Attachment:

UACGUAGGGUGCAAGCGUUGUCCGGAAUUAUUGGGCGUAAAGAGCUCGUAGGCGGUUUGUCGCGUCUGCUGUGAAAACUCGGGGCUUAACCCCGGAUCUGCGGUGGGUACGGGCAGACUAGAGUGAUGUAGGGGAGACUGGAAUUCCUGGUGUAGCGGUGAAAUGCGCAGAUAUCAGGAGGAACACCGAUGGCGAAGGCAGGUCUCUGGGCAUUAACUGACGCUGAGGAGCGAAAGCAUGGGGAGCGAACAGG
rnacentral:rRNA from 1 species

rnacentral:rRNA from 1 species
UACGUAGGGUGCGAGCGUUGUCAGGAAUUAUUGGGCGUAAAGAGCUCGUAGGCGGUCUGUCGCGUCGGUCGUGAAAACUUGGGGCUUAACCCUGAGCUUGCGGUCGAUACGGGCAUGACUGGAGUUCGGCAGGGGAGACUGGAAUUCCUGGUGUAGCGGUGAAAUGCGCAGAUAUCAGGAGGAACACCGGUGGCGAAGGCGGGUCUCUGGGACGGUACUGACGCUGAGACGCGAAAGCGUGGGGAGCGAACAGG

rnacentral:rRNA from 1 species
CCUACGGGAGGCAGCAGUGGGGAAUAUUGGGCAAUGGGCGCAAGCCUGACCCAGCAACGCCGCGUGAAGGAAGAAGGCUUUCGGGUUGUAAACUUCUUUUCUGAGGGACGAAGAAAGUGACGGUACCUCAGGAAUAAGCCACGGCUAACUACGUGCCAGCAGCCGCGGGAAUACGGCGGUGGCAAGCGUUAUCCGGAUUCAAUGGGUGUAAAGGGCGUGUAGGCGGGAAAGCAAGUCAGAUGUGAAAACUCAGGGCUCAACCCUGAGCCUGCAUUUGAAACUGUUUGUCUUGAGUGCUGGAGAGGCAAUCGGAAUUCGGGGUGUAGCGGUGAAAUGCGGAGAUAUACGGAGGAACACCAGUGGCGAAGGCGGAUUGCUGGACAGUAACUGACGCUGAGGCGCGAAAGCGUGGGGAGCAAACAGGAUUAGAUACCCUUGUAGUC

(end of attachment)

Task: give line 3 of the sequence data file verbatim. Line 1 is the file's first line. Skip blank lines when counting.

rnacentral:rRNA from 1 species